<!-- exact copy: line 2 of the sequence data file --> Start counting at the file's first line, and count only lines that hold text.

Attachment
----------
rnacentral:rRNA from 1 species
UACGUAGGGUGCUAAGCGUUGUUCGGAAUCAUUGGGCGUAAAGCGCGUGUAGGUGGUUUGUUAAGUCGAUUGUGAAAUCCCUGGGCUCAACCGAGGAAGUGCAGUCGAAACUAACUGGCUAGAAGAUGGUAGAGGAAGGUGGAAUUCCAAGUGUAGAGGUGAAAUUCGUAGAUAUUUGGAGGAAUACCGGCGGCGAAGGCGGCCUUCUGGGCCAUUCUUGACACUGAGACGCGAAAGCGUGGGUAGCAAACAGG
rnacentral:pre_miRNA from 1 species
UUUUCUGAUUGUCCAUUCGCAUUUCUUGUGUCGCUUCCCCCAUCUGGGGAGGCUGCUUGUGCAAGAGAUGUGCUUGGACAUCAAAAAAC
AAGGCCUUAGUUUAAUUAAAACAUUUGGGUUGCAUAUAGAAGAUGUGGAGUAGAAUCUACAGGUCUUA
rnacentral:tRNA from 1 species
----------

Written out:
UACGUAGGGUGCUAAGCGUUGUUCGGAAUCAUUGGGCGUAAAGCGCGUGUAGGUGGUUUGUUAAGUCGAUUGUGAAAUCCCUGGGCUCAACCGAGGAAGUGCAGUCGAAACUAACUGGCUAGAAGAUGGUAGAGGAAGGUGGAAUUCCAAGUGUAGAGGUGAAAUUCGUAGAUAUUUGGAGGAAUACCGGCGGCGAAGGCGGCCUUCUGGGCCAUUCUUGACACUGAGACGCGAAAGCGUGGGUAGCAAACAGG